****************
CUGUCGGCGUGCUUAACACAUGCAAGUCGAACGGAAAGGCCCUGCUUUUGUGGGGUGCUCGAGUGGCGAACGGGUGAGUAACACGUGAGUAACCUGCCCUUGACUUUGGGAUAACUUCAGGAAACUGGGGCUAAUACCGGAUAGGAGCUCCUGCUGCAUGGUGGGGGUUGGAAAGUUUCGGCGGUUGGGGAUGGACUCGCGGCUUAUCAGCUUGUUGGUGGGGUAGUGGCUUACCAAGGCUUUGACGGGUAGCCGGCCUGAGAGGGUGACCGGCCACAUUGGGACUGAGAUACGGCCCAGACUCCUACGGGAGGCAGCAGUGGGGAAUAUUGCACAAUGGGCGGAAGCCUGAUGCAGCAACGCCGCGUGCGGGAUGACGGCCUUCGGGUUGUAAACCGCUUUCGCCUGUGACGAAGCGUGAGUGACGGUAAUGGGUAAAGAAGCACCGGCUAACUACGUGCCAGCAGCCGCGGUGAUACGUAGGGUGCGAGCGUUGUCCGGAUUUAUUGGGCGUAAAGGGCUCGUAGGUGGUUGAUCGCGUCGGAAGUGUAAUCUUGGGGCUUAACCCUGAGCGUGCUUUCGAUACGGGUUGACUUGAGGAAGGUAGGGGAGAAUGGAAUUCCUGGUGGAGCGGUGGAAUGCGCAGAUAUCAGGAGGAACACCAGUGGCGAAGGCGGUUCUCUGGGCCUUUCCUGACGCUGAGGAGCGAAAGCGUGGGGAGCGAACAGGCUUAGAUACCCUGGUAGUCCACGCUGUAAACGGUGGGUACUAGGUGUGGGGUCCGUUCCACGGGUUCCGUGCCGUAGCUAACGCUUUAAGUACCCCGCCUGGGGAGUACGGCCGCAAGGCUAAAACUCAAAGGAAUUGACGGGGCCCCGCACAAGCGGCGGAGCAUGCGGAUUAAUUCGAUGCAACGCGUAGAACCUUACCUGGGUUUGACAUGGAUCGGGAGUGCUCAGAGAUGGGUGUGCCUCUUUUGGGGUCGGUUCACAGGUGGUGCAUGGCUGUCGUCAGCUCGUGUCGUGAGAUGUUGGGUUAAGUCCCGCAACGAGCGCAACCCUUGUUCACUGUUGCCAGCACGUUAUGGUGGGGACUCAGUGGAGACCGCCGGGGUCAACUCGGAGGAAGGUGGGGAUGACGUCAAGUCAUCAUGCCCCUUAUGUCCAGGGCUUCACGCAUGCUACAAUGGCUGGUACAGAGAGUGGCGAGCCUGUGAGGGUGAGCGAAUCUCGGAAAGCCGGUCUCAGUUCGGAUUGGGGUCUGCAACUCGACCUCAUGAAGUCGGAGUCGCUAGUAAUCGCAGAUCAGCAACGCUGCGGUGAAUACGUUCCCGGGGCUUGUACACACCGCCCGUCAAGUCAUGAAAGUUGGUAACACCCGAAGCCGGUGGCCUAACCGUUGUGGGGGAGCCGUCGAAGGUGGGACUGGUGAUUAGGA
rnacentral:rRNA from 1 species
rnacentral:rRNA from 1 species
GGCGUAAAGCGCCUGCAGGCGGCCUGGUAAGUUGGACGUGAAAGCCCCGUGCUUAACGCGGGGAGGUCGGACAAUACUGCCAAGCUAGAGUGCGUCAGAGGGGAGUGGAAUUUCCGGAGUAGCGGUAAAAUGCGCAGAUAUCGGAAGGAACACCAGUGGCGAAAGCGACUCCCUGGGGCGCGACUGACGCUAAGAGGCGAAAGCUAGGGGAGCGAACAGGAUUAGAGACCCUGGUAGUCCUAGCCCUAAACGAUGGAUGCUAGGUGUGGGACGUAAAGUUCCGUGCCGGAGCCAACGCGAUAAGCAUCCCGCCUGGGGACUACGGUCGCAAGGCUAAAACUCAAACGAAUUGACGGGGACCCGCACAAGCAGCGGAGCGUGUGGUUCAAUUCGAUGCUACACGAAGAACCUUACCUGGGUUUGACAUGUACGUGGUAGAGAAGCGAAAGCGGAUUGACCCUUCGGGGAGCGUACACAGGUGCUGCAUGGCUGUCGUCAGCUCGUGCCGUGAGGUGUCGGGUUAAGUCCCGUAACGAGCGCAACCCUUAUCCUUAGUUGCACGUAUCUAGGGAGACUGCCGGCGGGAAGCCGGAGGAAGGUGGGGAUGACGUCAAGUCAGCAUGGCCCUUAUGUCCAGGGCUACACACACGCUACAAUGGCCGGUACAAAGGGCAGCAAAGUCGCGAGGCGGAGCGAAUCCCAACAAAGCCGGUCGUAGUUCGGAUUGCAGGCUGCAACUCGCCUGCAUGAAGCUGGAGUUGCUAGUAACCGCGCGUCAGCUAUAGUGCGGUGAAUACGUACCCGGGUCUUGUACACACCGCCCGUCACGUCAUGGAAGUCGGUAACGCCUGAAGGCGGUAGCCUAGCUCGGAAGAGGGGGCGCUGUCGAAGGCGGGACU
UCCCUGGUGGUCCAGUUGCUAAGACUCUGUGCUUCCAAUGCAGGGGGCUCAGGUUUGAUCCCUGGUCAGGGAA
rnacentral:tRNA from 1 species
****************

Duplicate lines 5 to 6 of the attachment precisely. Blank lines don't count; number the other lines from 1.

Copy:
UCCCUGGUGGUCCAGUUGCUAAGACUCUGUGCUUCCAAUGCAGGGGGCUCAGGUUUGAUCCCUGGUCAGGGAA
rnacentral:tRNA from 1 species